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My contention is that it's true. I thought of two ways of proving it, unsure which one is better (and/or correct):

  1. Suppose $X_i \sim N(\mu, \sigma^2)$, then it's moment generating function (MGF) is $$\Psi_{X_i}(t) = \exp\{\mu t + \frac12 \sigma^2 t^2\}$$ If we've got the iid property, then MGF of the sum is equal to the product of the MGF's which is: $$\Psi_{\sum_{i=1}^n X_i}(t) = \prod_{i=1}^n \exp\{\mu t + \frac12 \sigma^2 t^2\} = \exp\{n \mu t + n \frac12 \sigma^2 t^2\} $$ Which gives us that $\sum_{i=1}^n X_i \sim N(n \mu, n \sigma^2)$. It should probably hold in general (can't think of an argument, why?)

  2. From the definition of variance

\begin{align} Var( \sum_{i=1}^n X_i ) &= \mathbb{E} \Bigg (\sum_{i=1}^n X_i- \mathbb{E} \sum_{i=1}^n X_i \Bigg)^2\\ &= \mathbb{E} \Bigg( (\sum_{i=1}^n X_i)^2- 2 \sum_{i=1}^n X_i \sum_{i=1}^n\mathbb{E} X_i + (\sum_{i=1}^n\mathbb{E} X_i)^2 \Bigg)\\ &=\sum_{i=1}^n\mathbb{E} X_i^2- (\sum_{i=1}^n\mathbb{E} X_i)^2\\ &=n \mathbb{E}X_1^2 - n^2 (\mathbb{E}X_1)^2 \end{align} since $\mathbb{E}[\sum_{i \neq j} X_i X_j ]=0 $ and we have the iid property, i.e.: $\mathbb{E}X_1 = \mathbb{E}X_i \space \forall i$.

Whereas \begin{align} \sum_{i=1}^n Var(X_i) &=\sum_{i=1}^n \mathbb{E} \Bigg( X_i - \mathbb{E}X_i \Bigg)^2 \\ &= \sum_{i=1}^n \mathbb{E} \Bigg( X_i^2- 2X_i \mathbb{E}X_i + (\mathbb{E}X_i)^2 \Bigg)\\ &= n \mathbb{E}X_1^2 - n (\mathbb{E}X_1)^2 \end{align} I can't seem to get the $n^2$ here the same way I got (above). This would suggest that my contention is wrong. Is it or did I make a mistake in the calculations?

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$$\begin{align} \operatorname{var}\left( \sum_{i=1}^n X_i \right) &= \mathbb{E} \Bigg (\sum_{i=1}^n X_i- \mathbb{E} \sum_{i=1}^n X_i \Bigg)^2\\ &= \mathbb{E} \Bigg (\sum_{i=1}^n (X_i- \mathbb{E}X_i) \Bigg)^2\\ &= \sum_{i=1}^n \mathbb{E} (X_i- \mathbb EX_i)^2 + \mathbb E\sum_{i=1}^n ~\sum_{j=1, j \neq i}^n (X_i -\mathbb{E} X_i) (X_j -\mathbb{E} X_j)\\ &=\sum_{i=1}^n\operatorname{var}(X_i)+ \sum_{i=1}^n~ \sum_{j=1, j \neq i}^n \mathbb E(X_i -\mathbb{E} X_i)\mathbb E(X_j -\mathbb{E} X_j)\\ &= \sum_{i=1}^n\operatorname{var}(X_i) \end{align}$$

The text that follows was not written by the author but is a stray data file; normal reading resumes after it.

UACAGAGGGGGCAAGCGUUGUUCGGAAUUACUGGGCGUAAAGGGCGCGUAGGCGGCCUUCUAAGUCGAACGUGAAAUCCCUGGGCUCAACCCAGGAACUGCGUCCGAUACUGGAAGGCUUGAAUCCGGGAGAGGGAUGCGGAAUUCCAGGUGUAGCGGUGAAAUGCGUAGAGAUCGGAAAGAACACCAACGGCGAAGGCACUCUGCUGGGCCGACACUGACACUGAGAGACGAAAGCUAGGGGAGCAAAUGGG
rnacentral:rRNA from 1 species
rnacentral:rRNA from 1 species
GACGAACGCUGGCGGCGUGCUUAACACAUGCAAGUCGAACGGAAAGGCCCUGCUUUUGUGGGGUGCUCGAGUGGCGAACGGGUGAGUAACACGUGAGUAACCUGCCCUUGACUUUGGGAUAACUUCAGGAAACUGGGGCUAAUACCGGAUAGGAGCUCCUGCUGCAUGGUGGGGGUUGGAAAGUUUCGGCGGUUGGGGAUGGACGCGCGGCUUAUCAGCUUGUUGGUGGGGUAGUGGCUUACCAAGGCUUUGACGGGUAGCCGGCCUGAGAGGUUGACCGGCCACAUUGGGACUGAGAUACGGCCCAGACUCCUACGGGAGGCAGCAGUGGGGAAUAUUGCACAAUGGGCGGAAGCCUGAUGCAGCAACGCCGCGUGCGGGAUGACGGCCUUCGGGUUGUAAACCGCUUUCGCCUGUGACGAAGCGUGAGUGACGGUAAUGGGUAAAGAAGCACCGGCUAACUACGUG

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  1. Let us begin with the $n=2$ case to show some explicit calculation. Let me change the notation a bit and consider the iid random variables $X$,$Y$ s.t. $\mathbb E[X]=\mu=\mathbb E[Y]$. Then

$Var(X+Y)=\mathbb E[(X+Y-2\mu)^2]=\mathbb E[(X-\mu)^2]+\mathbb E[(Y-\mu)^2]+\mathbb E[2XY+2{\mu}^2-2\mu(X+Y)]=Var(X)+Var(Y)+2{\mu}^2+2{\mu}^2-2\mu(\mu+\mu)= Var(X)+Var(Y)$,

as $\mathbb E[XY]=\mathbb E[X]\mathbb E[Y]={\mu}^2$ ($X$ and $Y$ are independent). For $n=2$ your statement holds without giving any explicit form for the distribution of $X$.

  1. Let us move to the general case ($n>1$). Point 2. in your question is bugged. More precisely, when you compute $Var(\sum_{i=1}^nX_i)$ you arrive at

$\mathbb E[(\sum_{i=1}^nX_i)^2]=\sum_{i=1}^n \mathbb E[ {X}^2_i]$,

which is wrong (check it for $n=2$ to convince yourself). In fact

$\mathbb E[(\sum_{i=1}^nX_i)^2]=\sum_{i=1}^n \mathbb E[ {X}^2_i]+2\sum_{i\neq j}E[X_i]E[X_j]$.

This last equality can be proved by induction and using the fact that $E[X_iX_j]=E[X_i]E[X_j]$ for all $i\neq j$. But then

$2\sum_{i\neq j}E[X_i]E[X_j]=2\sum_{i\neq j}\mu^2=2\mu^2n(n-1)$,

as each of the $n$ indices (let us say $i$) is multiplied with all the remaining $n-1$ indices (i.e. all those indices in $1,\dots,n$ distinct from $i$).

In summary, we have

$\sum_{i=1}^n Var(X_i)=\sum_{i=1}^n\mathbb E[X^2_i]-n\mu^2$ (as you correctly computed)

and

$Var(\sum_{i=1}^nX_i)=$(you did this correctly) $=\mathbb E[(\sum_{i=1}^nX_i)^2]-2n^2\mu^2+n\mu^2=\sum_{i=1}^n \mathbb E[ {X}^2_i]+2\mu^2n(n-1)-2n^2\mu^2+n\mu^2=\sum_{i=1}^n \mathbb E[ {X}^2_i]-n\mu^2,$

as stated.

I hope this can help.

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